- This pseudo-Paper is intended as the mechanism to record time spent on the Note 'Self1' during my Thesis research, as from 2011.
- For the actual time recorded, click on "Paper Statistics" above.
Write-up2 (as at 22/11/2019 13:10:34): Self
- The Self is important, as it’s the root of Baker’s FPP4, and the motivator for all psychological5 theories of PI, so understanding just what it is supposed to be is central to my concerns.
- The self is what the reflexive pronouns refer to, but this doesn’t get us far. Just what is a self?
- There’s a temptation to equate the Self with the Person6, but this is to waste a term, and it is likely that the two terms can come apart7.
- Nor is it just the personality, though the reification of the personality is probably at the root of the (misguided) intuition that personal identity is broken if the individual suffers a too-radical change of personality.
- It’s not clear to me that SELF is a natural kind8 concept, so there may not be just one correct answer to its definition.
- But my use will equate a self to an individual with a perspective on the world which – if that individual were a person (as many selves are) – would equal a FPP.
- In "Seth (Anil Kumar) - The real problem", Anil Seth distinguishes five selves (or aspects of the self, considered as “a complex construction generated by the brain”):-
- The bodily self9, which is the experience of being a body and of having a particular body.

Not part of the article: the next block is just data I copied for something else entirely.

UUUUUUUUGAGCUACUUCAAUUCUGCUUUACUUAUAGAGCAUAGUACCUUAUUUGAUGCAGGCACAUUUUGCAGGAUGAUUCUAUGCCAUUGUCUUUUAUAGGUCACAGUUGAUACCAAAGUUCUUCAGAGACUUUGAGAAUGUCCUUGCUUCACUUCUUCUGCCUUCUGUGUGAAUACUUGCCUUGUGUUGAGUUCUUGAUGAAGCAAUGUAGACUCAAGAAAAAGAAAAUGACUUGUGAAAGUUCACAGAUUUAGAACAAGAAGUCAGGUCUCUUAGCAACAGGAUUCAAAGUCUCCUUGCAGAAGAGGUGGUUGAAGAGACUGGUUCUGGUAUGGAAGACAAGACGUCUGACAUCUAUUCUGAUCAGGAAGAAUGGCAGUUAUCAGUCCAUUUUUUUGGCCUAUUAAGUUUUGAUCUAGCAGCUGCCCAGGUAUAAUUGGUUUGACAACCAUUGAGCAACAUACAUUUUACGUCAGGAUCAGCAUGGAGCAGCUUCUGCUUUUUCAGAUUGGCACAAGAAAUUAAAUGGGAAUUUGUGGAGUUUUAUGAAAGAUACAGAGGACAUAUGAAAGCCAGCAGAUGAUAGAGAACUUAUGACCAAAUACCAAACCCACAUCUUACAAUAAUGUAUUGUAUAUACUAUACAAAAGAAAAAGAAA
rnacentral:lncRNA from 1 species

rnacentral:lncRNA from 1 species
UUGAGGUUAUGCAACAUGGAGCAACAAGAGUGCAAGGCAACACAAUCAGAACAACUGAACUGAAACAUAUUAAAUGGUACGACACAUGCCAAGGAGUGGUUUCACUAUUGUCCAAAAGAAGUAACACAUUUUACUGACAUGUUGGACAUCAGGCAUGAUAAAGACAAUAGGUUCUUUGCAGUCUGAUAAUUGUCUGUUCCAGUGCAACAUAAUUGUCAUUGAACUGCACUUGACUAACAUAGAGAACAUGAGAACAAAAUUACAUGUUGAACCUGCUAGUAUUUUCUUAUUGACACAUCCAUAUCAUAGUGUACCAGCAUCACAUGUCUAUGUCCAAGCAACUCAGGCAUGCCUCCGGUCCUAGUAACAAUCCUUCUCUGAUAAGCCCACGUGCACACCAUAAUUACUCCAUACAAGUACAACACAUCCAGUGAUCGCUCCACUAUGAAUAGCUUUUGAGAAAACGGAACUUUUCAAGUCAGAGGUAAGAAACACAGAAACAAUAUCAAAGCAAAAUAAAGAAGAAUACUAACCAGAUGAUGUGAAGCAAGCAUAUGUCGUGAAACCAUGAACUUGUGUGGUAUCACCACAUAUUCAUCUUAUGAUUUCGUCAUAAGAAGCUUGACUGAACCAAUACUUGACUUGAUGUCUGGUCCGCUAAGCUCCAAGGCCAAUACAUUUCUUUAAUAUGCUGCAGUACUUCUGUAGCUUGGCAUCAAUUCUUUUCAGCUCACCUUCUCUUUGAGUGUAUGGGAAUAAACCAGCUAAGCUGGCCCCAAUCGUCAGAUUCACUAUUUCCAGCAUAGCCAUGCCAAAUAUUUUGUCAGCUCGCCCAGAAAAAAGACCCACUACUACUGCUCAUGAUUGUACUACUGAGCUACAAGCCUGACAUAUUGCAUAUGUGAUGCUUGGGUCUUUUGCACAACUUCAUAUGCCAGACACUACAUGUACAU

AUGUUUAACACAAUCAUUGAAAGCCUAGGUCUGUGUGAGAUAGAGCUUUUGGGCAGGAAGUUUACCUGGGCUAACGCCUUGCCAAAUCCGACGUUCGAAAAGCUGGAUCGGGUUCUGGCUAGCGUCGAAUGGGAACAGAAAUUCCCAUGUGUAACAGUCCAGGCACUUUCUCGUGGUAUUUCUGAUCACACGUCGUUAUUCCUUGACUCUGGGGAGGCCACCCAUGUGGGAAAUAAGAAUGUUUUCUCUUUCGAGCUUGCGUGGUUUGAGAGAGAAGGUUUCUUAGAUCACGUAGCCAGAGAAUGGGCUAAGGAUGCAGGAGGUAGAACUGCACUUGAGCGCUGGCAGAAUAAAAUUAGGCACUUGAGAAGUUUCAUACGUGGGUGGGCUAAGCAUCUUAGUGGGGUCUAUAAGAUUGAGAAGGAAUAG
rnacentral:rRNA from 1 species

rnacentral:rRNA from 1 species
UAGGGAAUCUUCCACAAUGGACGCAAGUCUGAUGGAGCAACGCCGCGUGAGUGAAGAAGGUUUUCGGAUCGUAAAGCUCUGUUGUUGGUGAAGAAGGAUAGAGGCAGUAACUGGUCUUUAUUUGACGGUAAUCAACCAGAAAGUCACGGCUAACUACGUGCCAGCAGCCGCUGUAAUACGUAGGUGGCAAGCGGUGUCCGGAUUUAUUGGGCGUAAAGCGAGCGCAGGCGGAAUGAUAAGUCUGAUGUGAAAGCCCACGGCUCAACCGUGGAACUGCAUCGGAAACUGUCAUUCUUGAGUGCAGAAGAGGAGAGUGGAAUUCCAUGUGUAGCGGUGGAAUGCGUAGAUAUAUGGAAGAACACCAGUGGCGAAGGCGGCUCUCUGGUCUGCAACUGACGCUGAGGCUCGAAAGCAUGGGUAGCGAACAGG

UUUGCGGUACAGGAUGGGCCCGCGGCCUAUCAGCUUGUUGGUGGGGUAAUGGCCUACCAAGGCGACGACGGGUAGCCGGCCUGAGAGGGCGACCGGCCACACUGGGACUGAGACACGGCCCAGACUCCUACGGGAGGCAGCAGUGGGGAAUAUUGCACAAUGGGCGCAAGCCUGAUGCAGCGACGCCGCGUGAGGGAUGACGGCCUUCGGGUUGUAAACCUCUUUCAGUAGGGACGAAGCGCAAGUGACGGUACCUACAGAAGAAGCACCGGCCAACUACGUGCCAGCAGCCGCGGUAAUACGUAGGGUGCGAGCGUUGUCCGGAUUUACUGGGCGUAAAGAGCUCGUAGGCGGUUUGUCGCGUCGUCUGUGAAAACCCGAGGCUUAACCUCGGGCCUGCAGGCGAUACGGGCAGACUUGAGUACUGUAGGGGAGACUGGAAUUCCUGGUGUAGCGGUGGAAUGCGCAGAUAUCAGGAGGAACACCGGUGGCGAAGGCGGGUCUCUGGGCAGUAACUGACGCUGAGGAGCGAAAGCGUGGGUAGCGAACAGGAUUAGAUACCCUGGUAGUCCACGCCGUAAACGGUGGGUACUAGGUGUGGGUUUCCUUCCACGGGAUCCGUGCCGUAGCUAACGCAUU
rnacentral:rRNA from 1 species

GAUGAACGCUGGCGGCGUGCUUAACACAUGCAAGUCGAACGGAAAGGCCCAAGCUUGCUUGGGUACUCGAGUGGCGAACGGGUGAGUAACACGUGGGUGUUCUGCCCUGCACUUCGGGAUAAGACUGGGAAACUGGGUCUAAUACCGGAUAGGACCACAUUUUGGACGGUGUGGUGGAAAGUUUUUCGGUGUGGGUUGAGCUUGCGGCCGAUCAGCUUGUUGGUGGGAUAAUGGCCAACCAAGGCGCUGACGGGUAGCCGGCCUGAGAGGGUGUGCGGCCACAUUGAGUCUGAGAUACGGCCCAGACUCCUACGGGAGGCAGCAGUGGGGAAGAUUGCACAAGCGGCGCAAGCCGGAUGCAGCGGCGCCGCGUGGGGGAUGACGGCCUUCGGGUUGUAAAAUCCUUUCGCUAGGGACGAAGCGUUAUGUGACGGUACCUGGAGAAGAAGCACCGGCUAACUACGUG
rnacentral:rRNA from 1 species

- The perspectival self10, which is the experience of perceiving the world from a particular ﬁrst-person point of view.
- The volitional self11 involves experiences of intention and of agency – of urges to do this or that, and of being the causes of things that happen.
- The narrative self12 is where the ‘I’ comes in, as the experience of being a continuous and distinctive person over time, built from a rich set of autobiographical memories.
- And the social self13 is that aspect of self-experience that is refracted through the perceived minds of others, shaped by our unique social milieu.
- Not all individuals towards which we might adopt Daniel Dennett’s Intentional Stance are selves.
- While thermometers are excluded, I’m not sure whether having “a sense of self” is essential for being a self. So, creatures that pass the Mirror Test14 will be Selves, though might not be persons, but others – human infants, gorillas, elephants, dogs, … might be selves even where they fail the test.
- See also my note on Self-consciousness15. The division of labour between these two Notes may not be correct and awaits tidying up.
- For a page of Links16 to this Note, Click here. There are far too many links for an updating run, or even to eyeball, so I’ve not done so. The reading lists below are fairly ample in any case.
- Works on this topic that I’ve actually read17, include the following:-
- "Cassam (Quassim) - Kant and Reductionism", Cassam
- "Churchland (Patricia) - Self and Self-Knowledge", Churchland
- "Dainton (Barry) - Self: Philosophy In Transit: Prologue", Dainton
- "Dennett (Daniel) - The Self as a Center of Narrative Gravity", Dennett